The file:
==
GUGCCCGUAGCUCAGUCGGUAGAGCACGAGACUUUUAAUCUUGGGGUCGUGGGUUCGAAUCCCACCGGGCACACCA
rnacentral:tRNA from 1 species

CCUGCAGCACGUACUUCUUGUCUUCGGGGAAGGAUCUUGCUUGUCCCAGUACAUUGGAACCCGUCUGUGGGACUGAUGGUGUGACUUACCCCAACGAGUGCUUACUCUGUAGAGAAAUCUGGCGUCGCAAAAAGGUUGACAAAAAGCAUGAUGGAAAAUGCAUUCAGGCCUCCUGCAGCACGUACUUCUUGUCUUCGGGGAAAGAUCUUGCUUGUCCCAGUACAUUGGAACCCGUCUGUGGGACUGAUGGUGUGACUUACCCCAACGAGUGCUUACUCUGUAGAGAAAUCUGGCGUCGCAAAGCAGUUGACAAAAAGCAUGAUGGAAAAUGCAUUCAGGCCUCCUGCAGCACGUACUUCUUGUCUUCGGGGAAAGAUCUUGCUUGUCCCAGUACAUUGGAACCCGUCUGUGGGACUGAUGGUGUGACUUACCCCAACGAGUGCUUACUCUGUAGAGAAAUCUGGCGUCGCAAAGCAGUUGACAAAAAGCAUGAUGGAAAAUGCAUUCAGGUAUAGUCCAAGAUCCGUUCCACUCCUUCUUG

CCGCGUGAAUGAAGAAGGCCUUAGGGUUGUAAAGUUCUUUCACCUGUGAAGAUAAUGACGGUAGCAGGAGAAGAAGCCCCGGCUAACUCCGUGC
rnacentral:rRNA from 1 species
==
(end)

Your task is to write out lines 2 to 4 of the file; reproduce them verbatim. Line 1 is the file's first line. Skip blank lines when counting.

rnacentral:tRNA from 1 species

CCUGCAGCACGUACUUCUUGUCUUCGGGGAAGGAUCUUGCUUGUCCCAGUACAUUGGAACCCGUCUGUGGGACUGAUGGUGUGACUUACCCCAACGAGUGCUUACUCUGUAGAGAAAUCUGGCGUCGCAAAAAGGUUGACAAAAAGCAUGAUGGAAAAUGCAUUCAGGCCUCCUGCAGCACGUACUUCUUGUCUUCGGGGAAAGAUCUUGCUUGUCCCAGUACAUUGGAACCCGUCUGUGGGACUGAUGGUGUGACUUACCCCAACGAGUGCUUACUCUGUAGAGAAAUCUGGCGUCGCAAAGCAGUUGACAAAAAGCAUGAUGGAAAAUGCAUUCAGGCCUCCUGCAGCACGUACUUCUUGUCUUCGGGGAAAGAUCUUGCUUGUCCCAGUACAUUGGAACCCGUCUGUGGGACUGAUGGUGUGACUUACCCCAACGAGUGCUUACUCUGUAGAGAAAUCUGGCGUCGCAAAGCAGUUGACAAAAAGCAUGAUGGAAAAUGCAUUCAGGUAUAGUCCAAGAUCCGUUCCACUCCUUCUUG

CCGCGUGAAUGAAGAAGGCCUUAGGGUUGUAAAGUUCUUUCACCUGUGAAGAUAAUGACGGUAGCAGGAGAAGAAGCCCCGGCUAACUCCGUGC